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Lincoln raises tuition, fee rates

Lincoln raises tuition, fee rates

Revised Reed Stadium renovations approved

May 19th, 2017 by Bob Watson in Local News

Photo by News Tribune /News Tribune.

It will cost students more to attend Lincoln University.

LU curators, during a 35-minute telephone conference call Thursday, voted to raise tuition, room and board, and several fees, with a total additional cost of about $355 a year for full-time students living on campus.

The increase generally includes some fees that were raised earlier this year.

CFO Sandy Koetting reminded the board, "as a public, four-year institution, we are guided by (state law) that indicates we can only increase tuition for in-state undergraduates by a certain rate."

That rate is 2.1 percent, she said, or $144.64 for the academic year — effective with the fall 2017 semester.

Administrators split that increase between tuition and building-and-maintenance fees, Koetting said — a $4-per-credit-hour tuition increase (to $209 per credit hour) and a $12.32 per semester increase in building and maintenance fees, to $132.16.

Room rates will increase by about 3 percent, with specific costs varying for each residence hall.

And curators approved several increases to board fees, based on different meal plans.

The unlimited meal plan increases from $1,580 per semester to $1,630.

"That still equates to about $14.55 per day for unlimited eating," Koetting said. "(That's) very reasonable. I'm not sure where you can eat at for less than $15 for the entire day."

A five-meal plan, currently $660 a semester, is being reduced to $525 per semester, she said, "to encourage both the faculty and staff, as well as our commuter population, to participate in the meal plans. That averages about $6.56 per meal."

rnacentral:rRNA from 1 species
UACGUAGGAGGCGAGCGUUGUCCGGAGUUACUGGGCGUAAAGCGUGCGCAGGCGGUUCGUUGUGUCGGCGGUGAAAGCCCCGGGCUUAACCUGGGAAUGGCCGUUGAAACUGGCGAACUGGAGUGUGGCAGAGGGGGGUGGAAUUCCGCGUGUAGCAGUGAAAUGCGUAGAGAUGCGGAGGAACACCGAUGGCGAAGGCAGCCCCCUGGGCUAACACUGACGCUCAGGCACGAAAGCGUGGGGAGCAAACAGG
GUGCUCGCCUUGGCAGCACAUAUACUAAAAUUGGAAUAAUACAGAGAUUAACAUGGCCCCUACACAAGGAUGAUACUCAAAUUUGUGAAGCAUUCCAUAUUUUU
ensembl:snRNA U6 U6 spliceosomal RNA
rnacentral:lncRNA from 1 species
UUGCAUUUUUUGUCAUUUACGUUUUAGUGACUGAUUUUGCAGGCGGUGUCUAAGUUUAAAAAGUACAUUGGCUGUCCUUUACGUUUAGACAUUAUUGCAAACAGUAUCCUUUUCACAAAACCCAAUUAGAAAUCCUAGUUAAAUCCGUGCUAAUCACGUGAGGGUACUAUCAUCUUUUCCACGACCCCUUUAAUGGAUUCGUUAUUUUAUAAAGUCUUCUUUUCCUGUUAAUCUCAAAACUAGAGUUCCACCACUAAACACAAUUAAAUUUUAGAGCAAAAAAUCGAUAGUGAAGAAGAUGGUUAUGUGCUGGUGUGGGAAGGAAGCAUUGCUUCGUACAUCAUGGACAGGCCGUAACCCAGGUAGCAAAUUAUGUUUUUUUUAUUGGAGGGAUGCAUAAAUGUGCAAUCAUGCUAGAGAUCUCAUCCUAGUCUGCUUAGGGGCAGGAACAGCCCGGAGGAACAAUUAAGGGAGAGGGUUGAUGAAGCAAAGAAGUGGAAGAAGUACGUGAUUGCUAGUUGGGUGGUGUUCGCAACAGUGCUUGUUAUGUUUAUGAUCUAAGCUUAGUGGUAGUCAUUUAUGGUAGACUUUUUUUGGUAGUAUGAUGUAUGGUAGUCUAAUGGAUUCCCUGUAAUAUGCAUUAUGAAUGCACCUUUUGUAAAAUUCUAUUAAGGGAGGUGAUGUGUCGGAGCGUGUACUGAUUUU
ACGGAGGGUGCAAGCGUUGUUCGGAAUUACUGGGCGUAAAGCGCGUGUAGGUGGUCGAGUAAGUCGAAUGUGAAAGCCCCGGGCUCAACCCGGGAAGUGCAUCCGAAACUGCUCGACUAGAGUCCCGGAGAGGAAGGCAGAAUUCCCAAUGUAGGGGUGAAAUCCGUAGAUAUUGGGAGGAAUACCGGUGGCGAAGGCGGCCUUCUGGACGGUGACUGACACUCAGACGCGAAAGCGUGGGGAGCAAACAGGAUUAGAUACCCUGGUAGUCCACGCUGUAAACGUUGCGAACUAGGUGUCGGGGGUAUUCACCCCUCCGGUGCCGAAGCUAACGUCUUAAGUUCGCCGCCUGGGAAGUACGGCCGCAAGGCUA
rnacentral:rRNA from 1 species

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The plan also allows LU employees to deduct the costs from their paychecks and lets students add it to their student aid packages, Koetting said.

Board rates also are going up for this summer's classes, she said.

Effective immediately, transcript fees will climb from $5 to $10.

Koetting said that's the average fee charged by a number of public and private colleges around the state.

Curators also approved a $2.102 million contract with ATG Sports of Andover, Kansas, to renovate LU's Dwight T. Reed Stadium.

The contract is larger than the $1,823,870 contract with Byrne and Jones of St. Louis that was awarded March 29 but rescinded two weeks later because, President Kevin Rome said at the time, "of an irregularity in the bid process" that was discovered after the contract had been approved.

Byrne and Jones also submitted a bid for the revised project but was the highest of the four bids received last week, Sheila Gassner, LU's Facilities and Planning executive director, told the board.

The new project approved Thursday "includes the exterior, which would be the new artificial turf field, the removal and replacement of the scoreboard, the (new) sound system and LED field lights," she said. "On the inside of the work, we're going to have restroom renovations to bring us into compliance with the Americans With Disabilities Act (ADA)."

Other improvements include resurfacing the concourse track area "that is used at times for our track athletes when it's bad weather," Gassner said, as well as cleaning the concrete and adding new concourse lighting that will be good enough to provide safety in the stands when there are night games.

"(We'll be) redoing the asphalt circle drive, because it is in very poor shape, in front of the stadium," Gassner reported.

And, she said, since students already are wearing a path from Chestnut Street, north of the stadium, to the new LINC wellness center on Lafayette Street, the new contract requires paving that path, adding steps on each end and installing an emergency telephone at each end of the path.

Those steps mean the new path won't be ADA-compliant, Gassner acknowledged — but the steep hills on both ends make adding ADA ramps substantially more expensive.

"You could take the sidewalk the long way around and get on the Greenway trail, and that would get you there (but) it would be longer," Gassner said. "There's not a good (ADA) route with all the stairs."

Curator Don Cook, of St. Louis, said administrators "need to be very concerned about the ADA," but ultimately voted to approve the contract.

Construction is to begin immediately, Gassner told curators in a memo, and completed by Sept. 5.

The board also approved changes in the way student activity fees will be used for operations of The LINC wellness center.

Athletic Director John Moseley asked for more flexibility to spend the money than originally had been approved, including paying for taking intramural teams to other schools, and phones and printing costs that had not been included in the original proposal.